Erect, branched, very slightly bristly. Leaves: petioled, simple, cordate at the base, three-to-five lobed, the lobes acute, the middle one slightly longer than the others, all coarsely and unequally serrate. Flowers: white, few, corymbose, terminal; calyx-lobes tipped with a long slender appendage. Fruit: depressed-hemispheric, edible, red when ripe.
The five snow-white crinkled petals of the Capberry look very frail and pretty when seen amid the dense coarse foliage of this large bushy shrub. The flower is formed like a miniature white rose, and has numerous tiny stamens set around the convex receptacle in which are inserted the carpels that ultimately ripen into drupelets and form an aggregate red fruit.
The Capberry grows abundantly in the "High-wooded hollows, where serenely rest The lazy clouds, like giants in repose."
Capberry (Rubus parviflorus)
Rubus strigosus, or Red Raspberry, has shrubby stems usually densely covered with weak glandular bristles, the older ones bearing small hooked prickles. The leaves are three-to-five lobed, rounded at the base and sharply toothed. The white flowers grow in a loose raceme and the fruit is sweet, red and very juicy.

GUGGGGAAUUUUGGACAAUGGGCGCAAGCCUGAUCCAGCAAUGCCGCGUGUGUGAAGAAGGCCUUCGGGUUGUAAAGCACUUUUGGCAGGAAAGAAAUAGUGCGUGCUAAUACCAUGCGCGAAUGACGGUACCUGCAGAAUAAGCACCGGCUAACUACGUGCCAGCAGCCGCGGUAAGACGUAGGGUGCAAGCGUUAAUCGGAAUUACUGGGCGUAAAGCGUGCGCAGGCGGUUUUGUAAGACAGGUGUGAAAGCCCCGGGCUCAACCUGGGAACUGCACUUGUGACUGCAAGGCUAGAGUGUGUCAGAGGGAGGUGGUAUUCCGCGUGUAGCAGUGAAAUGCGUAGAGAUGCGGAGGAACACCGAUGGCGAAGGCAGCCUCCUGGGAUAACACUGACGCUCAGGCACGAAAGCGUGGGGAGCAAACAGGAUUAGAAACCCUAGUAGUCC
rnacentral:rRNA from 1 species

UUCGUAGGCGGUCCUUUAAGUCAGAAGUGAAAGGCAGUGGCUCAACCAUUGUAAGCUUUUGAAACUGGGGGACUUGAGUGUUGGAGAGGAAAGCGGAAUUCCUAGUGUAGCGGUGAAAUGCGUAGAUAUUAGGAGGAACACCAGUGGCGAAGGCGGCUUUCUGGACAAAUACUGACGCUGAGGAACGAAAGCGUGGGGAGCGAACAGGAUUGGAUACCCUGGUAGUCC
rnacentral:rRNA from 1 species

Rubus triflorus, or Dwarf Raspberry, has spineless stems growing from six to eighteen inches high, and trifoliate leaves the segments of which are nearly smooth and pointed, the terminal one being wedge-shaped. The white flowers usually grow in clusters of three on a slender stalk and the fruit is a purplish-red berry.
Rubus pedatus, or Creeping Raspberry, is a charming little vine that trails over the rocks and creeps along the ground, gemming the moss with its starry five-petalled white flowers, in the centre of each of which grow many fine yellow-tipped stamens. The leaves are divided into three (or very rarely five) leaflets, which are coarsely toothed at the edges. The fruit consists of a cluster of from three to six red juicy globules, pressed together and held in a cup of tiny green leaves. The long lithe strands of this pretty, delicate vine are most decorative, as many white flowers and scarlet fruits may be gathered at the same time upon a single trailing branch.